I've observed my mare, Amore eating from the smallest hole hay net and going through 10 lbs of hay in 2 hours. She only weighs about 750 lbs, and 2 percent of her body weight in roughage is only 15 lbs. She will continue to eat hay as long as there is hay to eat. So you can see that she can and will easily eat 20 or 30 lbs of hay if allowed, which is up to double her caloric intake. This is how she ended up obese at one barn I was at, they fed her as much hay as she would eat, and she ate more than a large TB. She had no grain at all. What I have to do with her is feed her the amount of hay she needs to keep at a good weight. As a Cushing's horse, she is a super easy keeper and if I give her more than 8 lbs of hay she gets overweight (she grazes daily outside, so meets the 15 lb roughage requirement through grazing). So that is what she gets, and maintains a good weight.

There are several horses at my barn that are on the easy keeper free choice hay plan. All three are markedly obese. One has chronic laminitis which is worsening, and one of the others has had one episode with laminitis, which he has recovered from. I am more afraid of overfeeding my Cushing's horse than I am of having her go without hay for a few hours each night after she finishes her hay, because while that might possibly cause some issues, I am more worried about her body condition going above the 5+ which it always is.

So my question is (if you can't regulate her weight)...how much hay is she getting, and is it over her caloric and roughage needs? I.e. the average 1,000 lb-at-their-ideal-weight horse needs 20 lbs or less. Horses with slow metabolism from Cushing's might need a bit less.
As with humans, horses don't put on weight if they are at an energy deficit. Meaning, no overweight human or horse got that way by eating too few calories, to the point of feeling weak. But other things affecting the metabolism/endocrine/hormone balance might cause that lack of energy.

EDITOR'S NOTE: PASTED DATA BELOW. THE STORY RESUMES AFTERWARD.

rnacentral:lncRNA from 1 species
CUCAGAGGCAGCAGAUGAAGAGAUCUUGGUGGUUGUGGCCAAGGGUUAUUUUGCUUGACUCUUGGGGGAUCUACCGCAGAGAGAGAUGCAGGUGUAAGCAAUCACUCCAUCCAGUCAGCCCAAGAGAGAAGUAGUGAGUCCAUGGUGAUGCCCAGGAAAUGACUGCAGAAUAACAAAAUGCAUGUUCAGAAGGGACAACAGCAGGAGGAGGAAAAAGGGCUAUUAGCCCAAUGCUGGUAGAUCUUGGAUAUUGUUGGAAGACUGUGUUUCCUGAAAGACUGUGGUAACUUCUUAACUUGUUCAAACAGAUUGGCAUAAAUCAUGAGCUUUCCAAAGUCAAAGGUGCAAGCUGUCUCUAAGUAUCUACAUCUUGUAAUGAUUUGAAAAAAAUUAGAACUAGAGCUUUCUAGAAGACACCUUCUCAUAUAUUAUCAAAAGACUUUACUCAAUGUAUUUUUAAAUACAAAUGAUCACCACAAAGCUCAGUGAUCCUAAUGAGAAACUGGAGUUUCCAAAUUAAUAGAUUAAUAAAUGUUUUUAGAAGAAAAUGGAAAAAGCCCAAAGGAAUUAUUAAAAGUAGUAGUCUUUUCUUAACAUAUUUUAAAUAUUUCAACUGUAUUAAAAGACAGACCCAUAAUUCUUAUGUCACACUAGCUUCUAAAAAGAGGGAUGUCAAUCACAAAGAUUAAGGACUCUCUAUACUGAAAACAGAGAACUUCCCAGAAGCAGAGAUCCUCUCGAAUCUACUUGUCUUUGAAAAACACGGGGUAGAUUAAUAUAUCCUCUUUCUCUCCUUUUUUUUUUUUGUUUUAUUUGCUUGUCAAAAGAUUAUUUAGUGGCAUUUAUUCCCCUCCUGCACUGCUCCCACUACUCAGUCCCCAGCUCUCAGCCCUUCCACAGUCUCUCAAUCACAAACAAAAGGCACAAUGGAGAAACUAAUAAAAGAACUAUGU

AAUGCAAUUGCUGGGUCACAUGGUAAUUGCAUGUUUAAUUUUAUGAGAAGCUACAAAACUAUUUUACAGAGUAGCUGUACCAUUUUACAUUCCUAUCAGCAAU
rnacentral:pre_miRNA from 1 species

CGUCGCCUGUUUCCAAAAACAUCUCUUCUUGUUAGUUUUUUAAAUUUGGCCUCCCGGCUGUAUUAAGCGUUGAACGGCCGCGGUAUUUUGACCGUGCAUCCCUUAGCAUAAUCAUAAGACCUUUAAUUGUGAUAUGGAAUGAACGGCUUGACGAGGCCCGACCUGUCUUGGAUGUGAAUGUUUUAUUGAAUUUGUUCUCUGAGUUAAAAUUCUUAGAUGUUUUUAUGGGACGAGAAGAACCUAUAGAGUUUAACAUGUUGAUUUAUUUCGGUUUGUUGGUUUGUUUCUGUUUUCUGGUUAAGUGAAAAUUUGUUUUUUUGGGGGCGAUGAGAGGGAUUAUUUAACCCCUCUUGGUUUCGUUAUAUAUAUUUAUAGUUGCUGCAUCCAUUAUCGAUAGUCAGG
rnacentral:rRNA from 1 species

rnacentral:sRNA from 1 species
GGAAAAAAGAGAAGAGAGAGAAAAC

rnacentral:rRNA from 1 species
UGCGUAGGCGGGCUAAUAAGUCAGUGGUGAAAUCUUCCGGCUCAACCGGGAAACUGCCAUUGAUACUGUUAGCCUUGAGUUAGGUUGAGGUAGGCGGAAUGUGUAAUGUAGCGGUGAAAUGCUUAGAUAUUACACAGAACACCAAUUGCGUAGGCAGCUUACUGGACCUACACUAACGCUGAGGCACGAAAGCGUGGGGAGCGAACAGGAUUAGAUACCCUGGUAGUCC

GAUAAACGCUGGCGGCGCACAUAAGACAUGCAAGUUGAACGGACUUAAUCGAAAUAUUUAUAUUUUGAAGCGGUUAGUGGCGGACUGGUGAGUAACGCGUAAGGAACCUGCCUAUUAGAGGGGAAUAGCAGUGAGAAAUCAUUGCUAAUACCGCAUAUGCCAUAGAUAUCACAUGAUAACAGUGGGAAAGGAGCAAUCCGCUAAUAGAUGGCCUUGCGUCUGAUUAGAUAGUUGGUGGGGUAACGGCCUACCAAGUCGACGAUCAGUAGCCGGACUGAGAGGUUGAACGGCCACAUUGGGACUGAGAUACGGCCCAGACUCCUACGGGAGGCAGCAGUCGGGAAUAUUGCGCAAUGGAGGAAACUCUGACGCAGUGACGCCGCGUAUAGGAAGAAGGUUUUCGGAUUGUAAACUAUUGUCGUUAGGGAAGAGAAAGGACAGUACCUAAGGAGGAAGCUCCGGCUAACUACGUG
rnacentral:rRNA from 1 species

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Actually, seriously I look at the pictures and am not sure I see an overweight horse. What I'm hearing sounds a lot like Amore as she progressed toward needing medication with her Cushing's. We had one winter where she had a lower quality hay, and she actually got thin. And that's apparently because they can metabolize protein too fast with Cushing's, so I think the hay had too low protein for her. Once she was on a higher protein feed she tended once again to be heavier.

But I have learned to disregard her belly. I feel her spine, ribs, and look at her neck and hindquarters to see what her condition is. Cushing's horses can be deceptive because they develop a pot belly. They say this is because the abdomen is heavy and they lose the muscle tone to hold it up so it hangs down and sticks out.
If your mare is developing Cushing's, she probably won't get rid of the belly without medication. I'm not saying she needs medication now, but it is also common for Cushing's horses to get low energy at times due to the endocrine imbalances.

So I think in some of your recent pictures I don't see a thick neck. If she were as heavy as her belly suggests, I would think we'd see fat deposits over her eyes (looks like depressions instead), and her spine would probably be in a depression rather than flat with her back or raised. It doesn't sound like she is getting a ton of calories. With Amore I focus on a high protein/high quality diet with the Cushing's and it might not be right for this horse to go to a lower quality hay if that is what you suspect she may have.

I think you are doing a great job with all you are doing with her and for her.
 

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Yikes, I bet your nail really hurts.

I always worry about the horses shedding out here when it's still just spring and rainy, but you still have snow and the horses are shedding out. I guess it's natural but I always feel like they're losing their hair too soon when it's still cold out.
 

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I have Vipers. I don't use them anymore because we only have sand and grass where we ride. When we rode on gravel I used them daily. They are great boots, and stay on very well if they fit right. My horses always liked wearing them and we would gallop around the gravel roads in them. They're easy to clean too.